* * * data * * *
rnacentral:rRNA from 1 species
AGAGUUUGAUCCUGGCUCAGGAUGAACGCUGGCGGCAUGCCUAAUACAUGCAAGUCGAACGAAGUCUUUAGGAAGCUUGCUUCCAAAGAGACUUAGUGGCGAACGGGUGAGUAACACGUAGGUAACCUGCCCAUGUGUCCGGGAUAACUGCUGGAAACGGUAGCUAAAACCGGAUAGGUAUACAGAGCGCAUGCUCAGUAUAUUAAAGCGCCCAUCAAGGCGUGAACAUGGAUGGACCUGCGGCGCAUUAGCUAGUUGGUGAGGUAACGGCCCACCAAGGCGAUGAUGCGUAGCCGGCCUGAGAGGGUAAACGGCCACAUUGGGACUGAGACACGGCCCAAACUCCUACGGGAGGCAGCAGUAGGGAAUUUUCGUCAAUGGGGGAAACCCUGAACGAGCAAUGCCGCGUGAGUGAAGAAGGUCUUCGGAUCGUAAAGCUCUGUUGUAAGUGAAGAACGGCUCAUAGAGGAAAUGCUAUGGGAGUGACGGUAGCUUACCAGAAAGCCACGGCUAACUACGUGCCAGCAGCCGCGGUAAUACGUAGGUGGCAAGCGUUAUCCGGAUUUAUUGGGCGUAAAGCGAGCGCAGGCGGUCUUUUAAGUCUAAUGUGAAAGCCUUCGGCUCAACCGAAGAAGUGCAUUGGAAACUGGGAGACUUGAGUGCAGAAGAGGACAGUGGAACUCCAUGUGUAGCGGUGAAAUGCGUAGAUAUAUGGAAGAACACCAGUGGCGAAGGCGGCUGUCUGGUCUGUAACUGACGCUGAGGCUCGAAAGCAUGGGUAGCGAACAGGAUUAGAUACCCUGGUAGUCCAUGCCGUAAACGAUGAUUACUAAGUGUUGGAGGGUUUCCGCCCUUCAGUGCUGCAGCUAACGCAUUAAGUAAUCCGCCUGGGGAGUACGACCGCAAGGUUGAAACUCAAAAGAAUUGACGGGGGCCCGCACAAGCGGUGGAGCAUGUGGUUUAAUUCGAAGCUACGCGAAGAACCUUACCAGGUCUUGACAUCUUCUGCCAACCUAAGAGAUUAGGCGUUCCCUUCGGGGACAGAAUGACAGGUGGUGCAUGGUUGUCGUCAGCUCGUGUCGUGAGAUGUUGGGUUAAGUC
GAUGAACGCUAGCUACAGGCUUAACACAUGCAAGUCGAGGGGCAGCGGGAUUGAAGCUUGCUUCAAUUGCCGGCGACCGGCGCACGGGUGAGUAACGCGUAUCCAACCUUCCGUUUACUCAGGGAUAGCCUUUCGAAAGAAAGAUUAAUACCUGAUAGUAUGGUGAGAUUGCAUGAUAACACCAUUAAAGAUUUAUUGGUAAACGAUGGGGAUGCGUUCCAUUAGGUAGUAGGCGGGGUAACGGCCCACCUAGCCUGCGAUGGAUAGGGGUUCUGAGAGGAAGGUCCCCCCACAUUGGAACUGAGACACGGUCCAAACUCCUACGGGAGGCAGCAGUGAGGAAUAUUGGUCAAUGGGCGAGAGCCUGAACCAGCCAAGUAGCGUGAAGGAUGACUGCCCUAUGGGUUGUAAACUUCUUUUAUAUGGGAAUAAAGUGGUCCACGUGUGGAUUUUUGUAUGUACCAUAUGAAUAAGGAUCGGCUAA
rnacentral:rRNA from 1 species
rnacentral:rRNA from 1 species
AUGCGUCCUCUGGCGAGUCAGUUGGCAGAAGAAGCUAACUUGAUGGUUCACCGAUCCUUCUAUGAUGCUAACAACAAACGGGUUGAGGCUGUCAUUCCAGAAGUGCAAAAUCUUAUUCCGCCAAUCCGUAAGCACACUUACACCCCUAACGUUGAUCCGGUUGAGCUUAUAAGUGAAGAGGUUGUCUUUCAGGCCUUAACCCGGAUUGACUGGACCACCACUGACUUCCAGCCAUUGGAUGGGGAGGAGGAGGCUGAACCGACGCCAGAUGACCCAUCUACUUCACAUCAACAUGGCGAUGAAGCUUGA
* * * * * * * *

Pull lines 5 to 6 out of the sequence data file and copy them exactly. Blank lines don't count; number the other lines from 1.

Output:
rnacentral:rRNA from 1 species
AUGCGUCCUCUGGCGAGUCAGUUGGCAGAAGAAGCUAACUUGAUGGUUCACCGAUCCUUCUAUGAUGCUAACAACAAACGGGUUGAGGCUGUCAUUCCAGAAGUGCAAAAUCUUAUUCCGCCAAUCCGUAAGCACACUUACACCCCUAACGUUGAUCCGGUUGAGCUUAUAAGUGAAGAGGUUGUCUUUCAGGCCUUAACCCGGAUUGACUGGACCACCACUGACUUCCAGCCAUUGGAUGGGGAGGAGGAGGCUGAACCGACGCCAGAUGACCCAUCUACUUCACAUCAACAUGGCGAUGAAGCUUGA